The confidence interval helps you assess the practical significance of your results. Use your specialized knowledge to determine whether the confidence interval includes values that have practical significance for your situation. If the interval is too wide to be useful, consider increasing your sample size. For more information, go to Ways to get a more precise confidence interval.

The test for difference displays the null and alternative hypotheses. The null and alternative hypotheses are two mutually exclusive statements about a population. A hypothesis test uses sample data to determine whether to reject the null hypothesis.

- Null hypothesis
- The null hypothesis states that a population parameter (such as the mean, the standard deviation, and so on) is equal to a hypothesized value. The null hypothesis is often an initial claim that is based on previous analyses or specialized knowledge.
- Alternative hypothesis
- The alternative hypothesis states that a population parameter is smaller, larger, or different from the hypothesized value in the null hypothesis. The alternative hypothesis is what you might believe to be true or hope to prove true.

In the output, the null and alternative hypotheses help you to verify that you entered the correct value for the test difference.

The Z-value is a test statistic for Z-tests that measures the difference between an observed statistic and its hypothesized population parameter in units of standard error.

You can compare the Z-value to critical values of the standard normal distribution to determine whether to reject the null hypothesis. However, using the p-value of the test to make the same determination is usually more practical and convenient.

To determine whether to reject the null hypothesis, compare the Z-value to your critical value. The critical value is Z_{1-α/2} for a two–sided test and Z_{1-α} for a one–sided test. For a two-sided test, if the absolute value of the Z-value is greater than the critical value, you reject the null hypothesis. If the absolute value of the Z-value is less than the critical value, you fail to reject the null hypothesis. You can calculate the critical value in Minitab or find the critical value from a standard normal table in most statistics books. For more information, go to Using the inverse cumulative distribution function (ICDF) and click "Use the ICDF to calculate critical values".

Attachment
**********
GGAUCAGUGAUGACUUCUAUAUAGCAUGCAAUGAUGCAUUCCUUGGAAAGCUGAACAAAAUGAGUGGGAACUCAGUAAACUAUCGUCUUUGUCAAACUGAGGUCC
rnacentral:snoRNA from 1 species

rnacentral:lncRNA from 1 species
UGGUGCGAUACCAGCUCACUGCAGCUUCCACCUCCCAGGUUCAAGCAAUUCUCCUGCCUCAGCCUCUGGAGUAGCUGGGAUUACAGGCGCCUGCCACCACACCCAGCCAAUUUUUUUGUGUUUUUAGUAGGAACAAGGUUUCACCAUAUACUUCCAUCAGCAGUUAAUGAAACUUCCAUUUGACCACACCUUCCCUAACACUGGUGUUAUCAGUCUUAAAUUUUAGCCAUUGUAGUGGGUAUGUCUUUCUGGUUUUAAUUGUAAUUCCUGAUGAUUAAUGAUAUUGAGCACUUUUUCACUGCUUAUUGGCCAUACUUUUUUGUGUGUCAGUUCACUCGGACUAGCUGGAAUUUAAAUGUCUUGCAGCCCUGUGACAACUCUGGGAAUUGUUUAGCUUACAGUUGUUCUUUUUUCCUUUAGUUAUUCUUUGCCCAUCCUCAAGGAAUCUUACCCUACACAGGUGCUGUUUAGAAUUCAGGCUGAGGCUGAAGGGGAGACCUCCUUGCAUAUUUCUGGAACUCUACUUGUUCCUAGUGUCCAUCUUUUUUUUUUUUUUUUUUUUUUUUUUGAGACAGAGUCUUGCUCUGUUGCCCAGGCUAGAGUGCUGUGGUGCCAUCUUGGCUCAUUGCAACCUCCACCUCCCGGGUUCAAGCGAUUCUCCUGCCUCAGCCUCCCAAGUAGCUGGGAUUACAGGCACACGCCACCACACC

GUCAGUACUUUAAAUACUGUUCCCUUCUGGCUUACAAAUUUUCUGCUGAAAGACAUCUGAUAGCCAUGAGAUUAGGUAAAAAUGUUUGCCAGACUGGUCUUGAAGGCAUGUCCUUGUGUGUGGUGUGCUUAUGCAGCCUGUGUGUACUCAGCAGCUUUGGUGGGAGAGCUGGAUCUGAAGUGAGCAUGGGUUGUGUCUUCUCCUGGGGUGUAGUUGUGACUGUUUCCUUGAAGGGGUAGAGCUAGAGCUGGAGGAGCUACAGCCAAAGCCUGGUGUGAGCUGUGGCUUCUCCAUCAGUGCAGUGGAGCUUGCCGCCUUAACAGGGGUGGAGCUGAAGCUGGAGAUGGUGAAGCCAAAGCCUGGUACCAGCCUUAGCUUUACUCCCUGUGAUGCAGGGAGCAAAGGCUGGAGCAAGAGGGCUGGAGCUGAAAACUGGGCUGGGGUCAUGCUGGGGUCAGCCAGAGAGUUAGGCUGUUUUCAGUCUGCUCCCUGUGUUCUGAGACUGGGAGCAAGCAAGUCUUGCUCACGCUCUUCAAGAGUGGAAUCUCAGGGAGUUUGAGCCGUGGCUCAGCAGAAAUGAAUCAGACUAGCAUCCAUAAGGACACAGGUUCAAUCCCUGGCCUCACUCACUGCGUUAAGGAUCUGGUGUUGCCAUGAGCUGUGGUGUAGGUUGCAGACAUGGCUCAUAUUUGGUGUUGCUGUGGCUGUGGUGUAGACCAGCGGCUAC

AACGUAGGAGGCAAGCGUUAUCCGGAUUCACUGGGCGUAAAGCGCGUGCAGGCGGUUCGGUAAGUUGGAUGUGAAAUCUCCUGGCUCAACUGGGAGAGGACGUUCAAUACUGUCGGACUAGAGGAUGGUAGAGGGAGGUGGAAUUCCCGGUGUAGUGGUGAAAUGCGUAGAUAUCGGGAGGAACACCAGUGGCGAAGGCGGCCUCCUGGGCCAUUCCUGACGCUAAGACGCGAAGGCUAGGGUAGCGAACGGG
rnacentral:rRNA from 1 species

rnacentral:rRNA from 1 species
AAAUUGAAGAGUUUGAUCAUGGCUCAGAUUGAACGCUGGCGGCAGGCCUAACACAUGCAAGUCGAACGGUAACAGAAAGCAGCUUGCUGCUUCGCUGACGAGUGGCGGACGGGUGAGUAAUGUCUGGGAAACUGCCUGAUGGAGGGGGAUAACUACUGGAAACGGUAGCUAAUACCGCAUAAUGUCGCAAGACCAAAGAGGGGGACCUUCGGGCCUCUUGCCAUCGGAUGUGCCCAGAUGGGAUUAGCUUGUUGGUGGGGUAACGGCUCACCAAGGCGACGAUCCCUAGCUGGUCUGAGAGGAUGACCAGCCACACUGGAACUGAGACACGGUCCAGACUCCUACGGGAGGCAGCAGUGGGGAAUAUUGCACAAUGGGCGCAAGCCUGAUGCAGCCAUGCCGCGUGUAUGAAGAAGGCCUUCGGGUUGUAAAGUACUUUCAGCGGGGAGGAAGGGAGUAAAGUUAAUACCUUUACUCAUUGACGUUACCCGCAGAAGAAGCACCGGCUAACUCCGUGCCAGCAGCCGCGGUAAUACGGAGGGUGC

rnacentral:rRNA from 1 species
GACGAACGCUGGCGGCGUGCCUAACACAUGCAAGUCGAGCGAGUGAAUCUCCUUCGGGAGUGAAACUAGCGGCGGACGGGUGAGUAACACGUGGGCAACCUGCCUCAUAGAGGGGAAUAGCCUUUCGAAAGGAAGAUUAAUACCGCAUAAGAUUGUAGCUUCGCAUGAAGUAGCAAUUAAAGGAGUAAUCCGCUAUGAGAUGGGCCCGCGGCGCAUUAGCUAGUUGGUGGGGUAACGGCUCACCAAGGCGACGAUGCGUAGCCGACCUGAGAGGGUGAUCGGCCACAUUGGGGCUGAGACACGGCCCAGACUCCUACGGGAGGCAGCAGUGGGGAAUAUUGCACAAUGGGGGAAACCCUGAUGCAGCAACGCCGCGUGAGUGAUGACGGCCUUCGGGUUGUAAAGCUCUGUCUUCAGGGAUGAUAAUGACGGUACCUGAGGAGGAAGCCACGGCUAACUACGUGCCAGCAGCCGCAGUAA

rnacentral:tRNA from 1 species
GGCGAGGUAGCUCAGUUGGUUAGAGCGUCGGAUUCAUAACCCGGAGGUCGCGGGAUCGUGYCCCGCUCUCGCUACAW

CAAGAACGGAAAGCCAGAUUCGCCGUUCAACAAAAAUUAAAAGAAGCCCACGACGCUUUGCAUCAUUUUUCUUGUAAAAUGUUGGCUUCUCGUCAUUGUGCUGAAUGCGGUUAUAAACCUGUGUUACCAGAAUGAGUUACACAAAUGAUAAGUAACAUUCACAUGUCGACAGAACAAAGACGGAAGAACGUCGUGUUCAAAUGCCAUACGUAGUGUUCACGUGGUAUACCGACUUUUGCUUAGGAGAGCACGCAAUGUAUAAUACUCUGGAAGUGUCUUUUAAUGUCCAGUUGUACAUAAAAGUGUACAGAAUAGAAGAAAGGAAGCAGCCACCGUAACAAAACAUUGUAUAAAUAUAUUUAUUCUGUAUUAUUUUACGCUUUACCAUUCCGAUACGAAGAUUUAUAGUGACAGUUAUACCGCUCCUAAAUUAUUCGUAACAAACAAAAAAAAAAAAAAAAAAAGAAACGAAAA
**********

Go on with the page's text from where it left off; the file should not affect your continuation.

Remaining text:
The Z-value is used to calculate the p-value.

The p-value is a probability that measures the evidence against the null hypothesis. A smaller p-value provides stronger evidence against the null hypothesis.

Use the p-value to determine whether the difference in population rates of occurrence is statistically significant.

To determine whether the difference between the rates of occurrence is statistically significant, compare the p-value to the significance level. Usually, a significance level (denoted as α or alpha) of 0.05 works well. A significance level of 0.05 indicates a 5% risk of concluding that a difference exists when there is no actual difference.

- P-value ≤ α: The difference between the rates is statistically significant (Reject H
_{0}) - If the p-value is less than or equal to the significance level, the decision is to reject the null hypothesis. You can conclude that the difference between the population rates does not equal the hypothesized difference. If you did not specify a hypothesized difference, Minitab tests whether there is no difference between the rates (Hypothesized difference = 0). Use your specialized knowledge to determine whether the difference is practically significant. For more information, go to Statistical and practical significance.
- P-value > α: The difference between the rates is not statistically significant (Fail to reject H
_{0}) - If the p-value is greater than the significance level, the decision is to fail to reject the null hypothesis. You do not have enough evidence to conclude that the population rates are different. You should make sure that your test has enough power to detect a difference that is practically significant. For more information, go to Power and Sample Size for 2-Sample Poisson Rate.

When the hypothesized difference equals 0, Minitab tests the null hypothesis with an exact procedure. The p-value for the exact test is the result of this exact procedure. The other p-value is based on the normal approximation, and may be inaccurate when the total number of occurrences is low.